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J Telemed Telecare. 2007;13(6):318-21.

The cost-utility of a care coordination/home telehealth programme for veterans with diabetes.

Author information

1
VA HSR&D/RR&D Rehabilitation Outcomes Research Center, North Florida/South Georgia Veterans Health System, and Department of Health Research, Management and Policy, University of Florida, Gainesville, Florida 32608, USA. Tracey.Barnett@va.gov

Abstract

We examined the cost-effectiveness of a care coordination/home telehealth (CCHT) programme for veterans with diabetes. We conducted a retrospective, pre-post study which compared data for a cohort of veterans (n=370) before and after the introduction of the CCHT programme for two periods of 12 months. To assess the cost-effectiveness, we converted the patients' health-related quality of life data into Quality Adjusted Life Year (QALY) utility scores and used costs to construct incremental cost-effectiveness ratios (ICERs). The overall mean ICER for the programme at one-year was $60,941, a value within the commonly-cited range of cost-effectiveness of $50,000-100,000. The programme was cost-effective for one-third of the participants. Characteristics that contributed to cost-effectiveness were marital status, location and clinically relevant co-morbidities. By targeting the intervention differently in future work, it may become cost-effective for a greater proportion of patients.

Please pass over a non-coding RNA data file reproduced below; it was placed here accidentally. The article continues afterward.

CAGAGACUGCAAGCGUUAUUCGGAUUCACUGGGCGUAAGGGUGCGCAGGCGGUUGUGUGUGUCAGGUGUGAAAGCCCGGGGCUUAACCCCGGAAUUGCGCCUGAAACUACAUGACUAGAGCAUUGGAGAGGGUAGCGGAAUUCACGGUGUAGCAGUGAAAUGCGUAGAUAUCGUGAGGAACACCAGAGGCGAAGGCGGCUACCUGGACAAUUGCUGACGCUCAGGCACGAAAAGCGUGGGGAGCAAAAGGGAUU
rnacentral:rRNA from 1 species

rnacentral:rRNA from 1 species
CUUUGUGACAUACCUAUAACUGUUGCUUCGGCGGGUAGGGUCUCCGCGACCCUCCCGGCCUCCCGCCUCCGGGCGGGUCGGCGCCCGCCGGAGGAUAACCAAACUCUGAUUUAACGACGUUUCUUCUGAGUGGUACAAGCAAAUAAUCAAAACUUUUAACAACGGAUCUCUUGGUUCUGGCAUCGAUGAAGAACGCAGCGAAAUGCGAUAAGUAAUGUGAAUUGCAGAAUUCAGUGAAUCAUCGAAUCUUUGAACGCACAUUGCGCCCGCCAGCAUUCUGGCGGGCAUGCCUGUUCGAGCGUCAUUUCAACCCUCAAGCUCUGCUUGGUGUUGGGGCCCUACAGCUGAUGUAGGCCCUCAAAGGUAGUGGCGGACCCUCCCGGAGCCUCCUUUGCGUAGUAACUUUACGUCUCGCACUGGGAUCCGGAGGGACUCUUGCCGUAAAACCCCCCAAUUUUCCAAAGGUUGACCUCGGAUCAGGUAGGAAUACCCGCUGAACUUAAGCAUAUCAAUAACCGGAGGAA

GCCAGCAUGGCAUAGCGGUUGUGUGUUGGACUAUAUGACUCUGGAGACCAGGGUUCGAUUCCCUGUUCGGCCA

PMID:
17785029
DOI:
10.1258/135763307781644843
[Indexed for MEDLINE]
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